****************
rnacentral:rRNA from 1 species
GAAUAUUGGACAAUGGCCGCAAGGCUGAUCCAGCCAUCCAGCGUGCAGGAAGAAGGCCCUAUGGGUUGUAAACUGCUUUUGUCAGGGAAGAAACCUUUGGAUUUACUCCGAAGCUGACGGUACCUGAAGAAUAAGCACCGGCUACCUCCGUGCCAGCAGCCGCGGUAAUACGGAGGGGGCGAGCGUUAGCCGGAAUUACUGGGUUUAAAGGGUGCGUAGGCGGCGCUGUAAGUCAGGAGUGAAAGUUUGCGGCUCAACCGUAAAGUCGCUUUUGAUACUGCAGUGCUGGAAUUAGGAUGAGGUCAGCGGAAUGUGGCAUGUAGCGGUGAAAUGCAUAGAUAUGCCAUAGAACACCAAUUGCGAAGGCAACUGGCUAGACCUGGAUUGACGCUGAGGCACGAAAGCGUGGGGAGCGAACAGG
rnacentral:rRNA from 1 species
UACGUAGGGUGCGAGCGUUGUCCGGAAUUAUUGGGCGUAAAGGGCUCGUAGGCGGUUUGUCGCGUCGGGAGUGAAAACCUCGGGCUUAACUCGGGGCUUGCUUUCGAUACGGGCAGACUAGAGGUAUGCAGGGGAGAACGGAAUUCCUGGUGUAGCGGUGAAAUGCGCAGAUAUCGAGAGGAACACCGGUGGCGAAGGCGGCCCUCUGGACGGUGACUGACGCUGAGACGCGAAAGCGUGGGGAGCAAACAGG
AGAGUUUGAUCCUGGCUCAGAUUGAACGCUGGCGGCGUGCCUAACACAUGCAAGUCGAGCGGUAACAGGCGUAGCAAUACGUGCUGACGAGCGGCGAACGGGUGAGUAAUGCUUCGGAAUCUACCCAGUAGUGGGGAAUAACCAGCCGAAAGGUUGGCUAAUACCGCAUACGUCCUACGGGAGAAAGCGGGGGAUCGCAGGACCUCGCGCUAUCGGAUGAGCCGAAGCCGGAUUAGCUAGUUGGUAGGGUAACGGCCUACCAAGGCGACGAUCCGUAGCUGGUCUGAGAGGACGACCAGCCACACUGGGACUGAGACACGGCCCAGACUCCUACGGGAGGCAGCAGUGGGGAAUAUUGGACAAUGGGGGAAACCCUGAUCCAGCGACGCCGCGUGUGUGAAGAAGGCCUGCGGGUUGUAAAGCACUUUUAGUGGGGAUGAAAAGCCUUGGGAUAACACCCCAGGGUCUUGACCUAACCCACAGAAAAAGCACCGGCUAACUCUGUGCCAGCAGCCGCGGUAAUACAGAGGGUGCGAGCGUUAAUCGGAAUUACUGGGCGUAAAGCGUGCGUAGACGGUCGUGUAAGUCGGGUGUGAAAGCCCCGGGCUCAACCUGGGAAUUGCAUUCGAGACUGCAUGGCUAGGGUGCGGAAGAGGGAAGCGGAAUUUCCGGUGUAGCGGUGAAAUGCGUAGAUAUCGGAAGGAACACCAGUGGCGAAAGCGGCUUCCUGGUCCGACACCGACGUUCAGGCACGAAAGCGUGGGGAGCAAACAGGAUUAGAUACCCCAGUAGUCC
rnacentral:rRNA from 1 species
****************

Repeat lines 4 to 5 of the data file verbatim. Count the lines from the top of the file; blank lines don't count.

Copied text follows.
UACGUAGGGUGCGAGCGUUGUCCGGAAUUAUUGGGCGUAAAGGGCUCGUAGGCGGUUUGUCGCGUCGGGAGUGAAAACCUCGGGCUUAACUCGGGGCUUGCUUUCGAUACGGGCAGACUAGAGGUAUGCAGGGGAGAACGGAAUUCCUGGUGUAGCGGUGAAAUGCGCAGAUAUCGAGAGGAACACCGGUGGCGAAGGCGGCCCUCUGGACGGUGACUGACGCUGAGACGCGAAAGCGUGGGGAGCAAACAGG
AGAGUUUGAUCCUGGCUCAGAUUGAACGCUGGCGGCGUGCCUAACACAUGCAAGUCGAGCGGUAACAGGCGUAGCAAUACGUGCUGACGAGCGGCGAACGGGUGAGUAAUGCUUCGGAAUCUACCCAGUAGUGGGGAAUAACCAGCCGAAAGGUUGGCUAAUACCGCAUACGUCCUACGGGAGAAAGCGGGGGAUCGCAGGACCUCGCGCUAUCGGAUGAGCCGAAGCCGGAUUAGCUAGUUGGUAGGGUAACGGCCUACCAAGGCGACGAUCCGUAGCUGGUCUGAGAGGACGACCAGCCACACUGGGACUGAGACACGGCCCAGACUCCUACGGGAGGCAGCAGUGGGGAAUAUUGGACAAUGGGGGAAACCCUGAUCCAGCGACGCCGCGUGUGUGAAGAAGGCCUGCGGGUUGUAAAGCACUUUUAGUGGGGAUGAAAAGCCUUGGGAUAACACCCCAGGGUCUUGACCUAACCCACAGAAAAAGCACCGGCUAACUCUGUGCCAGCAGCCGCGGUAAUACAGAGGGUGCGAGCGUUAAUCGGAAUUACUGGGCGUAAAGCGUGCGUAGACGGUCGUGUAAGUCGGGUGUGAAAGCCCCGGGCUCAACCUGGGAAUUGCAUUCGAGACUGCAUGGCUAGGGUGCGGAAGAGGGAAGCGGAAUUUCCGGUGUAGCGGUGAAAUGCGUAGAUAUCGGAAGGAACACCAGUGGCGAAAGCGGCUUCCUGGUCCGACACCGACGUUCAGGCACGAAAGCGUGGGGAGCAAACAGGAUUAGAUACCCCAGUAGUCC